A lonely gannet bird's lifeless body was discovered next to concrete replicas on Mana Island off the coast of New Zealand.
Affectionately known as 'Nigel,' the seabird was lured to the desolate island five years ago by wildlife conservationists. They used the decoys and gannet calls broadcast by solar-powered speakers in the hopes of starting a settlement of a gannet colony.
It is believed Nigel died next to a decoy he thought was real.
According to the Guardian, the lonely bird was one of the first gannets in 40 years to make a home for himself on the island since 2013.
He took kindly to one of the 80 statues made to look exactly like the same species, complete with yellow beaks and black-tipped wings.
For five years, Nigel created a nest for his beloved companion, appeared to have one-sided conversations with "her," and even groomed the decoy's fake feathers.
How can you not get emotional?Giphy
Chris Bell, a Department of Conservation ranger who lives and works on Mana Island knew Nigel very well.
Nigel was very faithful to the colony. I think it must have been quite a frustrating existence. Whether or not he was lonely, he certainly never got anything back, and that must have been very strange experience, when he spent years courting. I think we all have a lot of empathy for him, because he had this fairly hopeless situation.
Three other gannets eventually landed on the island, lured by the amplified sound system, and Bell was hoping Nigel would interact with his new neighbors. But the gannet never showed any interest with the new settlers. The other birds eventually kept to themselves and Nigel remained "aloof" while remaining close to the concrete replicas.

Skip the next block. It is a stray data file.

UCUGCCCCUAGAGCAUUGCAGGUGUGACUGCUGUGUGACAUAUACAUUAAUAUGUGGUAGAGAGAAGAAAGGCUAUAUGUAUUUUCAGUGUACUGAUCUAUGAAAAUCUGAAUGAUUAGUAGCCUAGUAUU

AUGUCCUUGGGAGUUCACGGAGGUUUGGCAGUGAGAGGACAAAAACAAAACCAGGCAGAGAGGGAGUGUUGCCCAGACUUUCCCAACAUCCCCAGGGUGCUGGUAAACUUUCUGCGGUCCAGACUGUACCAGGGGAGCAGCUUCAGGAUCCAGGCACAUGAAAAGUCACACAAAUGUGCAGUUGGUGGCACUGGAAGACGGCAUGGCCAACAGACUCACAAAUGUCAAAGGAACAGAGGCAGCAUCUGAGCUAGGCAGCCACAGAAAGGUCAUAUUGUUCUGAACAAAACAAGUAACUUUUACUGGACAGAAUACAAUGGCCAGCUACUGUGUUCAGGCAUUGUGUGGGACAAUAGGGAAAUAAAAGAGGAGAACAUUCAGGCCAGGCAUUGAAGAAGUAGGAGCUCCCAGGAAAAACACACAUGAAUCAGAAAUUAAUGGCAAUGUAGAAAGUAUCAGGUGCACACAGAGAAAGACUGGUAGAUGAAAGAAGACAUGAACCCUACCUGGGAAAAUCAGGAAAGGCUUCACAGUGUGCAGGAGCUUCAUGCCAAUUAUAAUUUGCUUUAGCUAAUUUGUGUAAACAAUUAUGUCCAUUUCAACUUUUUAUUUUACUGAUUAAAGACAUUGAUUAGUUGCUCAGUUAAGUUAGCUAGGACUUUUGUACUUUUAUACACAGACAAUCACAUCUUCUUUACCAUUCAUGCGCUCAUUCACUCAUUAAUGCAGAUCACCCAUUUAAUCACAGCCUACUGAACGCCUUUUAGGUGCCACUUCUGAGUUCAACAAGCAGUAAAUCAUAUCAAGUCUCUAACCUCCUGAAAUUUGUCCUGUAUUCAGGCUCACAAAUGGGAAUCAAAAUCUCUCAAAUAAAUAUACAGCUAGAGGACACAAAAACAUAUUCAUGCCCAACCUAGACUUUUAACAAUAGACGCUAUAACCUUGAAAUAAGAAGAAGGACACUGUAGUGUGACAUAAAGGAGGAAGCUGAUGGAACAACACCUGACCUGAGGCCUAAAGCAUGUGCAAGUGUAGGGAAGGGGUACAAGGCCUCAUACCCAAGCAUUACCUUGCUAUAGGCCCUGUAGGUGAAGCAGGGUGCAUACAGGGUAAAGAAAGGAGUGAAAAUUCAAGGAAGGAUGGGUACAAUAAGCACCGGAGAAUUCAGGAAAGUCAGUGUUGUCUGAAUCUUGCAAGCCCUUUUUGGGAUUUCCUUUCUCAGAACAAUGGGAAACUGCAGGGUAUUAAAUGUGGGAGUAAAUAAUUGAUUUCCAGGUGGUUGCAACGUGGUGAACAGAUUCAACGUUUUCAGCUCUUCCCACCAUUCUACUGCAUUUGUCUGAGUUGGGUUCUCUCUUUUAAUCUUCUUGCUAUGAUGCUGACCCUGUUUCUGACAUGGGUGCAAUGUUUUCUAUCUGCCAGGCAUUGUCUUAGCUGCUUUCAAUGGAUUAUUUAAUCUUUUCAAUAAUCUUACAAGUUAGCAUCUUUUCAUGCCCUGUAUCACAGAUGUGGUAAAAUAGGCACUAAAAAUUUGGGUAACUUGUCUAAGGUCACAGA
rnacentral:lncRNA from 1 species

Bell shared an interesting observation exclusive to Nigel's behavior with the concrete gannets.
From a conservation point of view, he was a massive asset to have. Because the concrete gannets – they may have fooled Nigel – but they never fooled another gannet. We always considered Nigel increased our chances of getting a colony going, and that seems to be in the end what happened," said Bell. "He was an attraction that helped bring in other birds – gannets like to nest where a gannet has nested before. It's really sad he died, but it wasn't for nothing.
Nigel was compared to a famous literary character.
Nigel was likened to another lonely character depicted in a popular tune by The Beatles.
Bell told Stuff, "This just feels like the wrong ending to the story. He died right at the beginning of something great."
Others mourned Nigel.
You could look at the bright side of this sad story.
Maybe Nigel taught us something about our precious mortality.
Bell remains hopeful. "It's because of Nigel that the other gannets know about Mana ... maybe in six months' time there will be a happy story to tell," he said.
In loving memory of Nigel: